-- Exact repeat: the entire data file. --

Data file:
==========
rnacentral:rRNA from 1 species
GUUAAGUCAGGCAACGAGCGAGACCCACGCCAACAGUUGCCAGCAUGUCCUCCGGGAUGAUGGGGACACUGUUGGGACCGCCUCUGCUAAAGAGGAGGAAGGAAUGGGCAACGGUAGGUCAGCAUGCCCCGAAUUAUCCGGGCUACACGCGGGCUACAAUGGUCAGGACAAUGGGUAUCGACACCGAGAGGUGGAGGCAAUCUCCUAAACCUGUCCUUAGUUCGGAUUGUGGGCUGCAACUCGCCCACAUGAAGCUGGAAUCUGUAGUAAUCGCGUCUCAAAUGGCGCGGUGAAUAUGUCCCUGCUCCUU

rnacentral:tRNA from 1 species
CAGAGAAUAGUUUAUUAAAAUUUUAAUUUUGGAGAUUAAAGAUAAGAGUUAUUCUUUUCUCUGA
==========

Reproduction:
rnacentral:rRNA from 1 species
GUUAAGUCAGGCAACGAGCGAGACCCACGCCAACAGUUGCCAGCAUGUCCUCCGGGAUGAUGGGGACACUGUUGGGACCGCCUCUGCUAAAGAGGAGGAAGGAAUGGGCAACGGUAGGUCAGCAUGCCCCGAAUUAUCCGGGCUACACGCGGGCUACAAUGGUCAGGACAAUGGGUAUCGACACCGAGAGGUGGAGGCAAUCUCCUAAACCUGUCCUUAGUUCGGAUUGUGGGCUGCAACUCGCCCACAUGAAGCUGGAAUCUGUAGUAAUCGCGUCUCAAAUGGCGCGGUGAAUAUGUCCCUGCUCCUU

rnacentral:tRNA from 1 species
CAGAGAAUAGUUUAUUAAAAUUUUAAUUUUGGAGAUUAAAGAUAAGAGUUAUUCUUUUCUCUGA